An important part of people management is knowing how to effectively approach and hold difficult conversations with your employees. Difficult conversations can come about for a number of reasons. They could be in relation to mental health, performance, redundancies/restructuring etc. Employers should not shy away from these types of conversations. Facing them head on will help to keep working relationships intact.
Difficult conversations can carry a high risk if they are managed poorly. Emotions can run high and there could be risk of discrimination in some cases if protected characteristics are concerned. In some cases, a poorly managed conversation could result in an employment tribunal claim. To avoid this employers should follow a fair procedure by sticking to facts and use company policy as reference where possible. It is also recommended to take notes when having conversations as these may be needed for future reference.
It is easy to forget but employers are still responsible for their employees’ wellbeing whilst they are working from home. So you must address difficult conversations even when working remotely. This is likely to be something you have never done before and it may be daunting. Employers may find it easier to avoid these conversations, but the problem will only escalate to a point where it is difficult to control. You should make the effort to look approachable to your employees. Send emails to check in or schedule one-to-ones to provide your employees with an opportunity to bring forward any issues. This is especially important to do whilst working from home, as they may have little direct contact with you otherwise.
Many people have suffered with poor mental health as a result of the pandemic. This can change behaviour and impact performance of employees when they are at work. Whilst it may be frustrating to see a performance dip, it is important to show compassion towards this. There is likely to be an increase of these types of difficult conversations at the moment as more people are experiencing poor mental health. Remember that employers have a legal duty to ensure the mental wellbeing of their workforce. And so they should make sure they are holding conversations with their staff regularly and be understanding when they do so.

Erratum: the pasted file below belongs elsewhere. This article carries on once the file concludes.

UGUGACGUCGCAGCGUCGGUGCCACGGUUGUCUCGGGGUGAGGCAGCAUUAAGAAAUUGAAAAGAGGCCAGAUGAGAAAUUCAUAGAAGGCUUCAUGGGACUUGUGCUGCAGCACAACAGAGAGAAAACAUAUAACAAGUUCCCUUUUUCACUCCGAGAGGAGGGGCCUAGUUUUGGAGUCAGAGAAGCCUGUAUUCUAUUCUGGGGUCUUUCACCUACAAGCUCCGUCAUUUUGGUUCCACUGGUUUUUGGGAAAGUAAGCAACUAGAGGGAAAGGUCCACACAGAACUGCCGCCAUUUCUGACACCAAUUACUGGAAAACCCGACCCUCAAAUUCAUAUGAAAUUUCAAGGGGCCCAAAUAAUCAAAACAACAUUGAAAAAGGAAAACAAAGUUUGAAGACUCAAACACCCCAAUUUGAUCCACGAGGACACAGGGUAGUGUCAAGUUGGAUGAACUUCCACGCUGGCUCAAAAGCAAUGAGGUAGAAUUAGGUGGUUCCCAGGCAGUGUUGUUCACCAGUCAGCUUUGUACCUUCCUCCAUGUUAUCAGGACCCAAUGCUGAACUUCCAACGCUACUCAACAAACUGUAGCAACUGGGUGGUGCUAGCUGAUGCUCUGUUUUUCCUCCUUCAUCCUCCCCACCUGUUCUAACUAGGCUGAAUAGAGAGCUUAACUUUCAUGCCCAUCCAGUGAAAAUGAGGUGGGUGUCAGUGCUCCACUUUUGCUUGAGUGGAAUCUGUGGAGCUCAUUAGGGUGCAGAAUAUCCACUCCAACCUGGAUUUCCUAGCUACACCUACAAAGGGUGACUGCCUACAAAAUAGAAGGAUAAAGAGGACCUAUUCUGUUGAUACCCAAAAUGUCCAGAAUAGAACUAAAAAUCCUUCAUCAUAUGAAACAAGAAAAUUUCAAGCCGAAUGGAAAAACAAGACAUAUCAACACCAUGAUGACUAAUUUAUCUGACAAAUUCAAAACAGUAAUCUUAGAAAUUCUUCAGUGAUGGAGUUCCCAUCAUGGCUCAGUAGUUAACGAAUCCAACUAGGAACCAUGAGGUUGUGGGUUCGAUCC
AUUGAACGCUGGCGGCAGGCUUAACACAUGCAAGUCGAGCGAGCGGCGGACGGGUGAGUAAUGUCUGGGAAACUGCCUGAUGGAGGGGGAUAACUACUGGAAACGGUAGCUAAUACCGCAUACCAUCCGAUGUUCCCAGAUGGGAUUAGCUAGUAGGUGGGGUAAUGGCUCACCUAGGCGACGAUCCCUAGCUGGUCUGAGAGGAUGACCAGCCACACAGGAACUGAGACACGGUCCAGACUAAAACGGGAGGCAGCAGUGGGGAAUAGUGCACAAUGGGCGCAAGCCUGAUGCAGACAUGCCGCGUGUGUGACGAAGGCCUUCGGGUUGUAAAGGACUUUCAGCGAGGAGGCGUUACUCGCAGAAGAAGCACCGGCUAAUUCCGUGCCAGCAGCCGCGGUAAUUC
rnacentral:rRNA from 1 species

You should make sure you prepare for the conversation, particularly if the subject is sensitive or has the potential to become confrontational. Schedule a time where you are both free to have this conversation. This allows both yourself and your employee enough time to discuss the issues and get both of your points across. You run the risk of suggesting that you’re uninterested in the problem that the employee has brought forward if you do not schedule an appropriate time and the conversation has to be cut short.
Many of you may not be able to have these conversations face to face due to remote working. If this is the case it is better to have a video call rather than a phone call. It helps to break down the barriers and improves human connection. Both parties will feel confident that the other has their full attention on the conversation. You could experience connectivity issues and find it difficult to understand one other. If this happens use a phone call for clearer audio but remain on the video call so you are able to see each other.
It may be worth completing training to ensure that you are confident going into difficult conversations without hesitation. There are free and paid courses available online to better your skills. This will enable you to enter into conversations without having the fear that you will make things worse. In addition, you will have the knowledge to suggest necessary action to take moving forwards.
Listen to what your staff have to say. Conversations will be made more difficult if employees feel like they are not being listened to. Prepare for the conversation by having some open ended questions to ask them. This shows that you value their input and are seeking the fairest resolution. It is important to create a space where your employees feel comfortable and not judged. The conversations are likely to be around sensitive issues and so require caution and understanding.
Employers should ensure that communication is maintained with your staff, especially when working remotely. Miscommunication, and therefore further issues can be avoided if you keep in regular contact with your staff. We understand as a manager you may be busy but it is important to make time to speak to your team. Schedule some time in your diary for catch up calls. If this isn’t possible, you should ensure that your diary doesn’t say ‘busy’ all day. This will put your staff off communicating with you as they think you’re ‘too busy’ or unavailable. This allows issues and worries to build up.
At HPC we can offer advice for when you are having difficult conversations with your employees. We can advise you on the best approach and what course of action to take. Our help will ensure that you do not face any employment tribunal claims.
If you have any concerns or would like to discuss how to manage difficult conversations further, please get in contact with the HPC team today.
T: 0844 800 5932